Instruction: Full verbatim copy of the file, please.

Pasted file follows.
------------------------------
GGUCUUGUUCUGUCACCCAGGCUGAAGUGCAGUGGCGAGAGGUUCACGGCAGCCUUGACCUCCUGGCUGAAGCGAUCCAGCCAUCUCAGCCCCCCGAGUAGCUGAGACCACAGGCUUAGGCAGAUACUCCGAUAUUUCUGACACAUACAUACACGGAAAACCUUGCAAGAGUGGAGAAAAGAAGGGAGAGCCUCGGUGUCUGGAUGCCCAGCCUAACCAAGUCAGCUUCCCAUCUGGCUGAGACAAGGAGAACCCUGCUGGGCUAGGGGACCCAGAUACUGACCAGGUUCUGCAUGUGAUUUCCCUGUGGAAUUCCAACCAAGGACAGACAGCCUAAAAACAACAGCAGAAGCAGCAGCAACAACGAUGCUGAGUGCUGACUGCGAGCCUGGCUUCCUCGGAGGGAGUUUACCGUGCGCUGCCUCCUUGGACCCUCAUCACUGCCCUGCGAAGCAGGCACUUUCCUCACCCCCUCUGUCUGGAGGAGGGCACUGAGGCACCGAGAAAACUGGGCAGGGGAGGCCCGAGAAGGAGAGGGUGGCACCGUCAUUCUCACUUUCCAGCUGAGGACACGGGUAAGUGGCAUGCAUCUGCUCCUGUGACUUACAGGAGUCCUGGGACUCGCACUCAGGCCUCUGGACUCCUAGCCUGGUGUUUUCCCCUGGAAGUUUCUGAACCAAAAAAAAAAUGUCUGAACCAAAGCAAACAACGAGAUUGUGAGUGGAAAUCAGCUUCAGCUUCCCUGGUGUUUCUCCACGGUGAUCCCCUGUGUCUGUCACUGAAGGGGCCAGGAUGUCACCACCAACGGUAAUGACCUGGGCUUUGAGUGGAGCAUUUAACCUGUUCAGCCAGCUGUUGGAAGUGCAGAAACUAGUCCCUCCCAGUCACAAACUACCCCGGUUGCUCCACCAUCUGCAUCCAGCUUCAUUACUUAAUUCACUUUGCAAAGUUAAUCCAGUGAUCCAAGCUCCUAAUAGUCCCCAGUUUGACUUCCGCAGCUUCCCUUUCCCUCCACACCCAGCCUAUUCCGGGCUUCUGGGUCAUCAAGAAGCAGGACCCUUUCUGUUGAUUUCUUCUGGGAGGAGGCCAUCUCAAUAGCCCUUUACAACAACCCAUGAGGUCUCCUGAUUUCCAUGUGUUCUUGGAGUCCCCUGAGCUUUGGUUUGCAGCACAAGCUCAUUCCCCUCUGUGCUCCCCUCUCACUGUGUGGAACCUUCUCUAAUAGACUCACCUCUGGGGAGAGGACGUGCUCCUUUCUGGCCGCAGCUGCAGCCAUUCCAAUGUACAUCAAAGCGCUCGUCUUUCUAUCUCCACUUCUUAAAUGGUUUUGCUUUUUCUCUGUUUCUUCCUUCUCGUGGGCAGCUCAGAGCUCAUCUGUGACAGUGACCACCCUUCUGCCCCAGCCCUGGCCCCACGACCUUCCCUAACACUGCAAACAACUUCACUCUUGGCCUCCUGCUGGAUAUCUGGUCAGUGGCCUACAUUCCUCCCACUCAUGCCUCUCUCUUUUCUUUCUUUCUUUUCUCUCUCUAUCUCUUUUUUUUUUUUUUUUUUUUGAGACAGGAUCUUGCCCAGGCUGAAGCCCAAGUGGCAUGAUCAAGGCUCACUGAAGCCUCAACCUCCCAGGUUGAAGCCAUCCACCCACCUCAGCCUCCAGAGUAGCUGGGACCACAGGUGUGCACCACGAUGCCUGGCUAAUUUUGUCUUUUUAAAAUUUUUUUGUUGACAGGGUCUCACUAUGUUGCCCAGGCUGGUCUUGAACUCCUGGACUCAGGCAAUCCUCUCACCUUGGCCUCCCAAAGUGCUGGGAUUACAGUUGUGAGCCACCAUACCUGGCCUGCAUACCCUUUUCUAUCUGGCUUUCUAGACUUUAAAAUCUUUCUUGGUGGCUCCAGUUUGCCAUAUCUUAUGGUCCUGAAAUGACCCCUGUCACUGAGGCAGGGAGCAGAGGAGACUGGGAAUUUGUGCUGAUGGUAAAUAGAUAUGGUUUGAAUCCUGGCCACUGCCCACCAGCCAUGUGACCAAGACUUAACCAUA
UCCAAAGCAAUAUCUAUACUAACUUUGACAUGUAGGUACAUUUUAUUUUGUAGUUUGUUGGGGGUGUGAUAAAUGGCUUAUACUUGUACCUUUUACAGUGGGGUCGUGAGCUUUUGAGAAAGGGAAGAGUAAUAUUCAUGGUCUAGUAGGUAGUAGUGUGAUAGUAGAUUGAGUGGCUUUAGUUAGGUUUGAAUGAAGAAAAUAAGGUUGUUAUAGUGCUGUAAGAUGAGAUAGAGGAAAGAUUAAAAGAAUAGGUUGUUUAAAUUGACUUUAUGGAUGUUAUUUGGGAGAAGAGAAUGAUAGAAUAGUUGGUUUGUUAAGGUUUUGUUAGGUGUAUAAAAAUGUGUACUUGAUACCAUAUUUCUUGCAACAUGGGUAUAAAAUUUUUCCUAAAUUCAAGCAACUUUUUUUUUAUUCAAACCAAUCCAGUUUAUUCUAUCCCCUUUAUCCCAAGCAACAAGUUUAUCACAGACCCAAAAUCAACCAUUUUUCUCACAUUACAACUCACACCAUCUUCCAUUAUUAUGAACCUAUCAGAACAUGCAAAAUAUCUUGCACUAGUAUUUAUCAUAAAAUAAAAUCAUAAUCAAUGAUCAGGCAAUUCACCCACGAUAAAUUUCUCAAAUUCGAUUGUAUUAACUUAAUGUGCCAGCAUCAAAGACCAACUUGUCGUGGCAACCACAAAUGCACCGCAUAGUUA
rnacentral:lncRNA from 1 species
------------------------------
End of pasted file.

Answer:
GGUCUUGUUCUGUCACCCAGGCUGAAGUGCAGUGGCGAGAGGUUCACGGCAGCCUUGACCUCCUGGCUGAAGCGAUCCAGCCAUCUCAGCCCCCCGAGUAGCUGAGACCACAGGCUUAGGCAGAUACUCCGAUAUUUCUGACACAUACAUACACGGAAAACCUUGCAAGAGUGGAGAAAAGAAGGGAGAGCCUCGGUGUCUGGAUGCCCAGCCUAACCAAGUCAGCUUCCCAUCUGGCUGAGACAAGGAGAACCCUGCUGGGCUAGGGGACCCAGAUACUGACCAGGUUCUGCAUGUGAUUUCCCUGUGGAAUUCCAACCAAGGACAGACAGCCUAAAAACAACAGCAGAAGCAGCAGCAACAACGAUGCUGAGUGCUGACUGCGAGCCUGGCUUCCUCGGAGGGAGUUUACCGUGCGCUGCCUCCUUGGACCCUCAUCACUGCCCUGCGAAGCAGGCACUUUCCUCACCCCCUCUGUCUGGAGGAGGGCACUGAGGCACCGAGAAAACUGGGCAGGGGAGGCCCGAGAAGGAGAGGGUGGCACCGUCAUUCUCACUUUCCAGCUGAGGACACGGGUAAGUGGCAUGCAUCUGCUCCUGUGACUUACAGGAGUCCUGGGACUCGCACUCAGGCCUCUGGACUCCUAGCCUGGUGUUUUCCCCUGGAAGUUUCUGAACCAAAAAAAAAAUGUCUGAACCAAAGCAAACAACGAGAUUGUGAGUGGAAAUCAGCUUCAGCUUCCCUGGUGUUUCUCCACGGUGAUCCCCUGUGUCUGUCACUGAAGGGGCCAGGAUGUCACCACCAACGGUAAUGACCUGGGCUUUGAGUGGAGCAUUUAACCUGUUCAGCCAGCUGUUGGAAGUGCAGAAACUAGUCCCUCCCAGUCACAAACUACCCCGGUUGCUCCACCAUCUGCAUCCAGCUUCAUUACUUAAUUCACUUUGCAAAGUUAAUCCAGUGAUCCAAGCUCCUAAUAGUCCCCAGUUUGACUUCCGCAGCUUCCCUUUCCCUCCACACCCAGCCUAUUCCGGGCUUCUGGGUCAUCAAGAAGCAGGACCCUUUCUGUUGAUUUCUUCUGGGAGGAGGCCAUCUCAAUAGCCCUUUACAACAACCCAUGAGGUCUCCUGAUUUCCAUGUGUUCUUGGAGUCCCCUGAGCUUUGGUUUGCAGCACAAGCUCAUUCCCCUCUGUGCUCCCCUCUCACUGUGUGGAACCUUCUCUAAUAGACUCACCUCUGGGGAGAGGACGUGCUCCUUUCUGGCCGCAGCUGCAGCCAUUCCAAUGUACAUCAAAGCGCUCGUCUUUCUAUCUCCACUUCUUAAAUGGUUUUGCUUUUUCUCUGUUUCUUCCUUCUCGUGGGCAGCUCAGAGCUCAUCUGUGACAGUGACCACCCUUCUGCCCCAGCCCUGGCCCCACGACCUUCCCUAACACUGCAAACAACUUCACUCUUGGCCUCCUGCUGGAUAUCUGGUCAGUGGCCUACAUUCCUCCCACUCAUGCCUCUCUCUUUUCUUUCUUUCUUUUCUCUCUCUAUCUCUUUUUUUUUUUUUUUUUUUUGAGACAGGAUCUUGCCCAGGCUGAAGCCCAAGUGGCAUGAUCAAGGCUCACUGAAGCCUCAACCUCCCAGGUUGAAGCCAUCCACCCACCUCAGCCUCCAGAGUAGCUGGGACCACAGGUGUGCACCACGAUGCCUGGCUAAUUUUGUCUUUUUAAAAUUUUUUUGUUGACAGGGUCUCACUAUGUUGCCCAGGCUGGUCUUGAACUCCUGGACUCAGGCAAUCCUCUCACCUUGGCCUCCCAAAGUGCUGGGAUUACAGUUGUGAGCCACCAUACCUGGCCUGCAUACCCUUUUCUAUCUGGCUUUCUAGACUUUAAAAUCUUUCUUGGUGGCUCCAGUUUGCCAUAUCUUAUGGUCCUGAAAUGACCCCUGUCACUGAGGCAGGGAGCAGAGGAGACUGGGAAUUUGUGCUGAUGGUAAAUAGAUAUGGUUUGAAUCCUGGCCACUGCCCACCAGCCAUGUGACCAAGACUUAACCAUA
UCCAAAGCAAUAUCUAUACUAACUUUGACAUGUAGGUACAUUUUAUUUUGUAGUUUGUUGGGGGUGUGAUAAAUGGCUUAUACUUGUACCUUUUACAGUGGGGUCGUGAGCUUUUGAGAAAGGGAAGAGUAAUAUUCAUGGUCUAGUAGGUAGUAGUGUGAUAGUAGAUUGAGUGGCUUUAGUUAGGUUUGAAUGAAGAAAAUAAGGUUGUUAUAGUGCUGUAAGAUGAGAUAGAGGAAAGAUUAAAAGAAUAGGUUGUUUAAAUUGACUUUAUGGAUGUUAUUUGGGAGAAGAGAAUGAUAGAAUAGUUGGUUUGUUAAGGUUUUGUUAGGUGUAUAAAAAUGUGUACUUGAUACCAUAUUUCUUGCAACAUGGGUAUAAAAUUUUUCCUAAAUUCAAGCAACUUUUUUUUUAUUCAAACCAAUCCAGUUUAUUCUAUCCCCUUUAUCCCAAGCAACAAGUUUAUCACAGACCCAAAAUCAACCAUUUUUCUCACAUUACAACUCACACCAUCUUCCAUUAUUAUGAACCUAUCAGAACAUGCAAAAUAUCUUGCACUAGUAUUUAUCAUAAAAUAAAAUCAUAAUCAAUGAUCAGGCAAUUCACCCACGAUAAAUUUCUCAAAUUCGAUUGUAUUAACUUAAUGUGCCAGCAUCAAAGACCAACUUGUCGUGGCAACCACAAAUGCACCGCAUAGUUA
rnacentral:lncRNA from 1 species